Information is power, particularly when it comes to energy consumption. Just ask Deneice Marshall, director of retail services for Brookshire Brothers Food & Pharmacy. The Lufkin, Texas-based chain receives a detailed analysis of its energy use each month via meter data reports. The reports summarize energy consumption for both Brookshire’s entire supermarket portfolio and each individual site.
Brookshire receives the monthly, easy-to-interpret reports from Novar, Cleveland, whose sub-meters are installed in the company’s 73 supermarkets.
“You get what you inspect, not what you expect, meaning that energy needs to be monitored,” Marshall said. “Sub-meters are among the most important tools that we use to monitor our energy consumption.”
Marshall said Novar helps Brookshire achieve its energy and maintenance goals, and delivers automation of key information and peace-of-mind regarding meter infrastructure.
The Novar sub-meters, which shadow the utility meters at each location, provide more granular, detailed data by system (such as lighting load, refrigeration load and the like) and record minute-by-minute energy usage. In effect, the meters give the chain a live feed as to what is occurring in each store on a near real-time basis.
“Our monthly utility bills gave us a basic overview,” Marshall explained, “but sometimes the data was more than 60 days old. It was reactive, and we weren’t able to make changes to things that were actually happening. But the sub-meters provide the type of information that supports more precise corrective actions.”
As part of the reporting, Brookshire receives an annual consumption comparison per store, showing how a site is currently performing, and how it stacks up against the previous year.
“Probably the most useful data we get has to do with energy usage per square foot,” Marshall said. “Some of our stores are larger than others. Energy-use-per-square-foot data, as opposed to a store’s total kilowatt hours, levels the playing field.”
Brookshire gets three different rankings of its stores based on the metric of energy use per square foot: One shows which stores consume the most energy while they are open, one shows the same for when the stores are closed, and one looks at the “total” consumption over the full 24 hours.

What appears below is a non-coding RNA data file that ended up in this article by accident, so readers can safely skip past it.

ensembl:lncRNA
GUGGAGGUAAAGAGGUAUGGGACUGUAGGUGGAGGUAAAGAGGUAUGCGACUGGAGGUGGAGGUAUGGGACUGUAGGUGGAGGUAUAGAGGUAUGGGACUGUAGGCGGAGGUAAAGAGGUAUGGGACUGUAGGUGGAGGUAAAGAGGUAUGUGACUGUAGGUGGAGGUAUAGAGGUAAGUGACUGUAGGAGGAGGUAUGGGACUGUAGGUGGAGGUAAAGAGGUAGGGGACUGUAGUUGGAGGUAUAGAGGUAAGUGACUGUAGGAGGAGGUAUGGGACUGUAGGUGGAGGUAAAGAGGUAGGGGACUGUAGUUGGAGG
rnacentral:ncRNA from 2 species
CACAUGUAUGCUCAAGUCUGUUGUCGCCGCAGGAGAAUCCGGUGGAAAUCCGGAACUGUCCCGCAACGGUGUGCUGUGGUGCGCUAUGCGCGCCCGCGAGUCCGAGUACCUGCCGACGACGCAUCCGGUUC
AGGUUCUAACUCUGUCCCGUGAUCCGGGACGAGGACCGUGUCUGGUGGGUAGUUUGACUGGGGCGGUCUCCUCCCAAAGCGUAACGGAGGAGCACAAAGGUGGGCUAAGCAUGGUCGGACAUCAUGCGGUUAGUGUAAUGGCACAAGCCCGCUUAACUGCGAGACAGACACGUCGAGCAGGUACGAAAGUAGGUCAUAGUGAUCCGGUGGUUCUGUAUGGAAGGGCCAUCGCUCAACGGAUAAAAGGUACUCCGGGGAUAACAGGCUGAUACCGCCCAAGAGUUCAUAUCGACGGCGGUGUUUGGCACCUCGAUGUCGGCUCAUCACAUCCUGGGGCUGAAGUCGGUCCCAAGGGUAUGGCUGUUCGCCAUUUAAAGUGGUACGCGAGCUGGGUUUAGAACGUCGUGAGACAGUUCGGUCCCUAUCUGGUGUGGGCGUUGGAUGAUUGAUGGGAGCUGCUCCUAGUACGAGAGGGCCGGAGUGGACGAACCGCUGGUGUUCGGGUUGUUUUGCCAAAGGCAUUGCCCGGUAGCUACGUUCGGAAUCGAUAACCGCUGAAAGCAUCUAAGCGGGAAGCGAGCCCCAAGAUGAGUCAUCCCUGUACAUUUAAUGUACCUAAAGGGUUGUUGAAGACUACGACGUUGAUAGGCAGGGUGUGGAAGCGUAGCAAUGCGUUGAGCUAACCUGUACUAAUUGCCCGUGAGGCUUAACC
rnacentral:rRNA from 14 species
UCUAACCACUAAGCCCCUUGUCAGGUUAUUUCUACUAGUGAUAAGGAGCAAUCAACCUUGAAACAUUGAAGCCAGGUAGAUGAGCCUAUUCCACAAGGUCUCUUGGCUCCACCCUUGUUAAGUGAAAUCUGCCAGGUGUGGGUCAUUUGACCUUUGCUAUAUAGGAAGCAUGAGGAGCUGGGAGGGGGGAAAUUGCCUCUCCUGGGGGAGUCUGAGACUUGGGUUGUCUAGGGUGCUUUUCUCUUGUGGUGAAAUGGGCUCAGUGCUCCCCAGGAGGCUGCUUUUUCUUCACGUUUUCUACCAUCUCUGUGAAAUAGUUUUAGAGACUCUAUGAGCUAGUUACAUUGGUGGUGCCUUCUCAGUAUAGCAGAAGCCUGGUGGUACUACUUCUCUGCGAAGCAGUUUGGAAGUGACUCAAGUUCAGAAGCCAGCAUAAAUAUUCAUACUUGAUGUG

Brookshire also receives detailed reports from each store location that include graphic depictions of energy use as compared with outside air temperature (from the reporting period compared with a year ago), graphic depiction of monthly consumption from one year to another and a graphic depiction of its daily-load profile.
“Our monthly summary also shows us when demand peaks were high — how high they were — and consumption and intensity information,” Marshall added.
Brookshire uses the data it receives from Novar in numerous ways, such as launching investigations into stores with high energy use.
“The data allows us to easily identify sites operating outside of our corporate standards, outlier sites that need to be brought back into compliance in order to save energy—and money,” Marshall said. “We uncovered such things as corporate standards that weren’t being adhered to, open refrigerator doors and sloppy maintenance on equipment.”
Brookshire has also used the energy information to help justify equipment updating, and to check into the programming of specific equipment that is driving high usage at the stores to find anomalies that were previously unknown.
The information enables Brookshire to stay ahead of the maintenance curve by identifying issues and taking corrective action faster.
“We also use the data to show management how effective actions by the maintenance staff have paid off,” Marshall said.
FUTURE: Brookshire is now looking to extend sub-metering to its 32 convenience stores (Polk Oil). It also is looking into Novar’s next-generation software, whose extended capabilities include automated demand response and correlation of meter, utility and POS data to understand their relationships.
“As in our other projects, we would start off with some test stores,” Marshall said. “We always start with small steps.”